WATCH: Laverne Cox, Paris Lees And More Discuss Trans Visibility For British Vogue

In this short film, members of the trans and non-binary community discuss their own experiences as they share messages of empowerment.

Image of Laverne Cox against black and white backdrop.

In a stunning short film shot by Kloss Films, 42 members of the trans and non-binary community, including Laverne Cox, iO Tillet, Carmen Carrera and Paris Lees talked to British Vogue about what it means to be visible in a world that changes day by day.

Model and actor, Kenny Ethan Jones spoke to British Vogue about his own experiences as a young trans person: “It all started when I was fourteen, so I got diagnosed with having gender dysphoria. For a doctor to turn around and say we want to take you down this road of transitioning, that was such a weight off my shoulder.”

Image of Rebekah Bruesehoff

Rebekah Bruesehoff – the youngest contributor to the video – spoke about turning to activism after a sign she made went viral:

“I’m Rebekah, I’m 11 years old. I’m a trans girl and I live in New Jersey. I made a sign that said ‘I’m the scary transgender person the media warned you about’. It went viral. It’s made me want to make my story heard, and be a message of hope to others who are not as lucky as me. I am meant to be who I am, and I am a girl.”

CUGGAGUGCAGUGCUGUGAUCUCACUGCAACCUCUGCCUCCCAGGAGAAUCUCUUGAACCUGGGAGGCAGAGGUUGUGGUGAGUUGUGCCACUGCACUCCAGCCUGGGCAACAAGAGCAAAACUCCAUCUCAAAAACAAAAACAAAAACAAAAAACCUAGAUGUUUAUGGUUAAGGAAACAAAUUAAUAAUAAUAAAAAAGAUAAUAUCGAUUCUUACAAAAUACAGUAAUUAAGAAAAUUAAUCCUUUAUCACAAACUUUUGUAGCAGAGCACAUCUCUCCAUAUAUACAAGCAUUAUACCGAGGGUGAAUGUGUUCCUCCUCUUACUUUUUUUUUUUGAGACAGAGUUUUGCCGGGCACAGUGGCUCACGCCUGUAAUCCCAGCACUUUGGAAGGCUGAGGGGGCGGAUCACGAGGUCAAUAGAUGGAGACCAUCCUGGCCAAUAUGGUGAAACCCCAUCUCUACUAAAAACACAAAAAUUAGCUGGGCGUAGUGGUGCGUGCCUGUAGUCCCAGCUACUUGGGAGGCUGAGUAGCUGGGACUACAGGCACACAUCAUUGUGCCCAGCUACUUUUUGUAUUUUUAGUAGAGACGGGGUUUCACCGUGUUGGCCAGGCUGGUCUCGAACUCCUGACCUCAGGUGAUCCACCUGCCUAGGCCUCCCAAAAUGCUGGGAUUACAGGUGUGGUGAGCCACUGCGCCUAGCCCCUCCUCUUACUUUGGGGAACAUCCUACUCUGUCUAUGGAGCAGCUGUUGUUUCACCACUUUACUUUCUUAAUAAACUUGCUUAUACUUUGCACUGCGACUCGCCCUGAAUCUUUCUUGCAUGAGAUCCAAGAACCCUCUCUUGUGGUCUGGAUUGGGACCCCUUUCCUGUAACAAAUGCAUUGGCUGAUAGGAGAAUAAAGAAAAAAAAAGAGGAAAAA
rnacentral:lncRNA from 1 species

Paris Lees stressed the significance of visibility for trans and non-binary children: “Kids that are being born now are being born into a world where trans women appear on the cover of magazines and front their own shows, and appear in videos for Vogue, and that wasn’t the world I was born into.”

Laverne Cox rounded the short film off by reiterating the importance of being wholly yourself in a world where trans people face erasure, eradication, and invalidation every day:

“One of the affirming things about being me in 2018 is that I get to be me. I mean, I’m Laverne Cox!

“When folks are like ‘We don’t want transgender women going to the women’s room’, they’re really saying ‘We don’t want trans people to exist.’ I feel like there’s been, throughout my life, efforts to erase me, and what I mean by that is erasing my womanhood in the face of all kinds of policies that try to erase us. In the face of murders, trans people exist. We exist and we will never be erased, we cannot be erased, eradicated, dismissed or invalidated. We aren’t going anywhere and it’s incredible.”

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